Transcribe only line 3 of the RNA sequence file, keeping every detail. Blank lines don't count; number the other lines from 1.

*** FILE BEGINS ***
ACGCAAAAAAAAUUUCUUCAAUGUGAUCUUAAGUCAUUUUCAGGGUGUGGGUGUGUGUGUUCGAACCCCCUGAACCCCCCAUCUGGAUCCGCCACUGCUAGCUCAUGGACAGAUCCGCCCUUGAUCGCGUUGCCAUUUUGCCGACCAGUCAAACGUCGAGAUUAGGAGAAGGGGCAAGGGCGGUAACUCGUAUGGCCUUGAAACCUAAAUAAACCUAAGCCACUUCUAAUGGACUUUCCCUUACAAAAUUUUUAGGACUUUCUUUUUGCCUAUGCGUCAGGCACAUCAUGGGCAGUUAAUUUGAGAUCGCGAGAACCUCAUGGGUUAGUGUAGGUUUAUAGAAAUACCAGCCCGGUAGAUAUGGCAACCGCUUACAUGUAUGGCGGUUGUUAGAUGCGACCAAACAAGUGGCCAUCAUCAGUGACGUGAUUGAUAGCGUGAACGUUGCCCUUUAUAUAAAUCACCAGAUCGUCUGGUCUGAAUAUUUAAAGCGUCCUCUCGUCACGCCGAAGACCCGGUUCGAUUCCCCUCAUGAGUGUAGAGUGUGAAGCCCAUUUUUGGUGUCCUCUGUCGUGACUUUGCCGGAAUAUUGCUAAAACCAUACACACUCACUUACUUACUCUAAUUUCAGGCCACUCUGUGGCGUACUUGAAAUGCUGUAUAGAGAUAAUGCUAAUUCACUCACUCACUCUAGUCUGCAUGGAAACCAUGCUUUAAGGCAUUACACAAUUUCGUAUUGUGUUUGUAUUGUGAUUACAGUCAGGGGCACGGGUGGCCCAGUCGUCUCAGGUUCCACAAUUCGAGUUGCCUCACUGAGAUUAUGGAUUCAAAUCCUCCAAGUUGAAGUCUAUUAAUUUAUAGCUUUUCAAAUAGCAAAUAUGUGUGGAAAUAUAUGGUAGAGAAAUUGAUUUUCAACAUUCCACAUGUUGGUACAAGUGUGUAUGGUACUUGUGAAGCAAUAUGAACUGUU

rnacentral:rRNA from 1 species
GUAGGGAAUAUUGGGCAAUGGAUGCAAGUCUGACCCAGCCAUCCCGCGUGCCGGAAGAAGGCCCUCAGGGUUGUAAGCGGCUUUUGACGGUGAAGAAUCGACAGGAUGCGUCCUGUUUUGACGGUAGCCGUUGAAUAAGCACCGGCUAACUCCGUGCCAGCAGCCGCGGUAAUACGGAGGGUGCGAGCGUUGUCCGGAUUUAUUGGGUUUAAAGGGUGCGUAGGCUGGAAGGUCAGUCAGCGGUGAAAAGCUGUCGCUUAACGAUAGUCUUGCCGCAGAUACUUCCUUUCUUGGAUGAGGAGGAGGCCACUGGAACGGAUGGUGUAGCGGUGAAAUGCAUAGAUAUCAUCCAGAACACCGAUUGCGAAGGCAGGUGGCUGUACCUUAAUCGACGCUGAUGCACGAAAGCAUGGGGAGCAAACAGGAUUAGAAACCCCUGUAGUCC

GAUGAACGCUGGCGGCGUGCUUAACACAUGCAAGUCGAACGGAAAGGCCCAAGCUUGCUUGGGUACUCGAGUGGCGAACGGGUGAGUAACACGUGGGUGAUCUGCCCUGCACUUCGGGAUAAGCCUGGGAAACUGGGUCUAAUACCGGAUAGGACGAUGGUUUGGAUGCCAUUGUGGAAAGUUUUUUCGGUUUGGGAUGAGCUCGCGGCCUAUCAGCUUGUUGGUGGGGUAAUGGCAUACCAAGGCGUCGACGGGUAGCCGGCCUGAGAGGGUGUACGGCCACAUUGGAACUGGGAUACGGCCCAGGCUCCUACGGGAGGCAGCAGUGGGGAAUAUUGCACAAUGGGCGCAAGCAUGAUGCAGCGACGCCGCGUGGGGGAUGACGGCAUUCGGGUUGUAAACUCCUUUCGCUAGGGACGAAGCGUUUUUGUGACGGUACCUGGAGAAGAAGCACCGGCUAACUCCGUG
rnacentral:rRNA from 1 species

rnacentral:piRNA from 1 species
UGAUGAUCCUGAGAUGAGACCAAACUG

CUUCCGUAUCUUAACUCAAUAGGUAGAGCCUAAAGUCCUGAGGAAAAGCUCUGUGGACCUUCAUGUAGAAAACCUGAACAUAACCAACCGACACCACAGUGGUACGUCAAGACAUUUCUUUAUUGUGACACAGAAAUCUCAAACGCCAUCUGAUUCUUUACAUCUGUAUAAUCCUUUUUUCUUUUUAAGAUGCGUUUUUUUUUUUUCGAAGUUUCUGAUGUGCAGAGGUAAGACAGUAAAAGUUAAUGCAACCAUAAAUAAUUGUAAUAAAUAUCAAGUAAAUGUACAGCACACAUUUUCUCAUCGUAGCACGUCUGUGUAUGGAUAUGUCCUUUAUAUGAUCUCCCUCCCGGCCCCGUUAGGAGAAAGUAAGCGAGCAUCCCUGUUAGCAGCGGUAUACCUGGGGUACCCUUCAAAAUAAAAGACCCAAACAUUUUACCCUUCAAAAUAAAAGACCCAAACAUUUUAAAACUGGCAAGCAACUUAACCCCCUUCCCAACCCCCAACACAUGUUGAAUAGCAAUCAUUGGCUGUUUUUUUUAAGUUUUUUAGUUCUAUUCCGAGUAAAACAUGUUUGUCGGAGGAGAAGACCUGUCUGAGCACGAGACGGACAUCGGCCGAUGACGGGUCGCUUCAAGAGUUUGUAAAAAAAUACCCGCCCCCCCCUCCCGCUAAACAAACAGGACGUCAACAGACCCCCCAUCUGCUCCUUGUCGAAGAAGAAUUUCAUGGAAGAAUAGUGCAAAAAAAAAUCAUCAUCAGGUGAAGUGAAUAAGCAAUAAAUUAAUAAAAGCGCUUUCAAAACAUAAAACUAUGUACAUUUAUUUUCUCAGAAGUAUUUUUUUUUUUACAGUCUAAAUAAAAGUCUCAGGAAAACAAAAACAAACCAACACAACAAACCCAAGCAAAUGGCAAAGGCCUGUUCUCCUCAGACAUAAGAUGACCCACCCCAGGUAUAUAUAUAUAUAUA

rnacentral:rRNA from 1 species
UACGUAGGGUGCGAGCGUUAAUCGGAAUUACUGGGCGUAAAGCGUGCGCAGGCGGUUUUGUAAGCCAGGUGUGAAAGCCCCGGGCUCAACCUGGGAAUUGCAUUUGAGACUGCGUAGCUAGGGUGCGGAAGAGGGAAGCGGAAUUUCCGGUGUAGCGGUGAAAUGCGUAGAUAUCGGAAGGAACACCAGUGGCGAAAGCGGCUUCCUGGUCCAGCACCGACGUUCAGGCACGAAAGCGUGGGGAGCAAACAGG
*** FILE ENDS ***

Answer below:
GUAGGGAAUAUUGGGCAAUGGAUGCAAGUCUGACCCAGCCAUCCCGCGUGCCGGAAGAAGGCCCUCAGGGUUGUAAGCGGCUUUUGACGGUGAAGAAUCGACAGGAUGCGUCCUGUUUUGACGGUAGCCGUUGAAUAAGCACCGGCUAACUCCGUGCCAGCAGCCGCGGUAAUACGGAGGGUGCGAGCGUUGUCCGGAUUUAUUGGGUUUAAAGGGUGCGUAGGCUGGAAGGUCAGUCAGCGGUGAAAAGCUGUCGCUUAACGAUAGUCUUGCCGCAGAUACUUCCUUUCUUGGAUGAGGAGGAGGCCACUGGAACGGAUGGUGUAGCGGUGAAAUGCAUAGAUAUCAUCCAGAACACCGAUUGCGAAGGCAGGUGGCUGUACCUUAAUCGACGCUGAUGCACGAAAGCAUGGGGAGCAAACAGGAUUAGAAACCCCUGUAGUCC